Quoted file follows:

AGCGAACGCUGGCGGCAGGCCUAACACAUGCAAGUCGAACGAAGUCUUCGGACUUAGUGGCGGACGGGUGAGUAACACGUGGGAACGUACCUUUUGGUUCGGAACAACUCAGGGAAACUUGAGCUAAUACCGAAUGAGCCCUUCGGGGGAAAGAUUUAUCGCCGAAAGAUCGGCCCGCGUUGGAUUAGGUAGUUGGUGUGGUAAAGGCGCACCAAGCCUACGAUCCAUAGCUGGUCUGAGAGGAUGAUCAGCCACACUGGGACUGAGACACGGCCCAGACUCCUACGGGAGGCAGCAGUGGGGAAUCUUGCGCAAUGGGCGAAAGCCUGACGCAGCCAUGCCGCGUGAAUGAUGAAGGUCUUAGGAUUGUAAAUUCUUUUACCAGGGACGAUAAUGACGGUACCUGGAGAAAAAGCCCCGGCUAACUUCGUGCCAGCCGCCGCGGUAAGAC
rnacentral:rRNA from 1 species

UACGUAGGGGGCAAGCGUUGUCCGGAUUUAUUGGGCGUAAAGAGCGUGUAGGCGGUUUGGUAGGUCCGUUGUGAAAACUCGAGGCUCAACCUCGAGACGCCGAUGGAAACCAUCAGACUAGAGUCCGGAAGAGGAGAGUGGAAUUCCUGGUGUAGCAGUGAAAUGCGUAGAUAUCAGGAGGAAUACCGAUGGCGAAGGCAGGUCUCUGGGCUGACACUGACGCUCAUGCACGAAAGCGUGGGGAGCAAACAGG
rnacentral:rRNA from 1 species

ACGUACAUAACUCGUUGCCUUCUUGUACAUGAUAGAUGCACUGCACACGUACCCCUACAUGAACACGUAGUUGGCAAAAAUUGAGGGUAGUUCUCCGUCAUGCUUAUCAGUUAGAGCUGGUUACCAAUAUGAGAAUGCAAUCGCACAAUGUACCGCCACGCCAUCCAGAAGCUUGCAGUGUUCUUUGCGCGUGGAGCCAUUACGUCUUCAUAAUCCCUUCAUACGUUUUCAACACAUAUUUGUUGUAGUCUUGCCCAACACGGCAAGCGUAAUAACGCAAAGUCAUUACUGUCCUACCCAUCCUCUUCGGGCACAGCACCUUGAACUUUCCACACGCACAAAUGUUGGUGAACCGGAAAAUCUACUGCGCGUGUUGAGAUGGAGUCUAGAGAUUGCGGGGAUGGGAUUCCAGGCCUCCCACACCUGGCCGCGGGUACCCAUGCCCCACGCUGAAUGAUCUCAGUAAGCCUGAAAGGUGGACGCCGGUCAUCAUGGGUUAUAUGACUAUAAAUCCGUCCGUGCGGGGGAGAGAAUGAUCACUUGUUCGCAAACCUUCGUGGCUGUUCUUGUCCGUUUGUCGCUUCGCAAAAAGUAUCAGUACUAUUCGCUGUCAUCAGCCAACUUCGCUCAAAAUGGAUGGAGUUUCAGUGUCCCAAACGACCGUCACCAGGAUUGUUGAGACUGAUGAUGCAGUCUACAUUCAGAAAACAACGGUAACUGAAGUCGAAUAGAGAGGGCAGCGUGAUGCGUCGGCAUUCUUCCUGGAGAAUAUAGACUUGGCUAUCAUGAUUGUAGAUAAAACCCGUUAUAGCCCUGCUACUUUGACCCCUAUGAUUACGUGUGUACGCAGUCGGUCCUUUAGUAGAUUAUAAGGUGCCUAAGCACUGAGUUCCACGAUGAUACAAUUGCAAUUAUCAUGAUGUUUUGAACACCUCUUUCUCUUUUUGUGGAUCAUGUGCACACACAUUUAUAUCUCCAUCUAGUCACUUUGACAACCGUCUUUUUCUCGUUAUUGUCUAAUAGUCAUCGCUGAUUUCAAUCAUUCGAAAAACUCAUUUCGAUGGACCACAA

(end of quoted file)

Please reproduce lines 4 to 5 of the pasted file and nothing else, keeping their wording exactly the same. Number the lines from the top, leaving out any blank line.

rnacentral:rRNA from 1 species

ACGUACAUAACUCGUUGCCUUCUUGUACAUGAUAGAUGCACUGCACACGUACCCCUACAUGAACACGUAGUUGGCAAAAAUUGAGGGUAGUUCUCCGUCAUGCUUAUCAGUUAGAGCUGGUUACCAAUAUGAGAAUGCAAUCGCACAAUGUACCGCCACGCCAUCCAGAAGCUUGCAGUGUUCUUUGCGCGUGGAGCCAUUACGUCUUCAUAAUCCCUUCAUACGUUUUCAACACAUAUUUGUUGUAGUCUUGCCCAACACGGCAAGCGUAAUAACGCAAAGUCAUUACUGUCCUACCCAUCCUCUUCGGGCACAGCACCUUGAACUUUCCACACGCACAAAUGUUGGUGAACCGGAAAAUCUACUGCGCGUGUUGAGAUGGAGUCUAGAGAUUGCGGGGAUGGGAUUCCAGGCCUCCCACACCUGGCCGCGGGUACCCAUGCCCCACGCUGAAUGAUCUCAGUAAGCCUGAAAGGUGGACGCCGGUCAUCAUGGGUUAUAUGACUAUAAAUCCGUCCGUGCGGGGGAGAGAAUGAUCACUUGUUCGCAAACCUUCGUGGCUGUUCUUGUCCGUUUGUCGCUUCGCAAAAAGUAUCAGUACUAUUCGCUGUCAUCAGCCAACUUCGCUCAAAAUGGAUGGAGUUUCAGUGUCCCAAACGACCGUCACCAGGAUUGUUGAGACUGAUGAUGCAGUCUACAUUCAGAAAACAACGGUAACUGAAGUCGAAUAGAGAGGGCAGCGUGAUGCGUCGGCAUUCUUCCUGGAGAAUAUAGACUUGGCUAUCAUGAUUGUAGAUAAAACCCGUUAUAGCCCUGCUACUUUGACCCCUAUGAUUACGUGUGUACGCAGUCGGUCCUUUAGUAGAUUAUAAGGUGCCUAAGCACUGAGUUCCACGAUGAUACAAUUGCAAUUAUCAUGAUGUUUUGAACACCUCUUUCUCUUUUUGUGGAUCAUGUGCACACACAUUUAUAUCUCCAUCUAGUCACUUUGACAACCGUCUUUUUCUCGUUAUUGUCUAAUAGUCAUCGCUGAUUUCAAUCAUUCGAAAAACUCAUUUCGAUGGACCACAA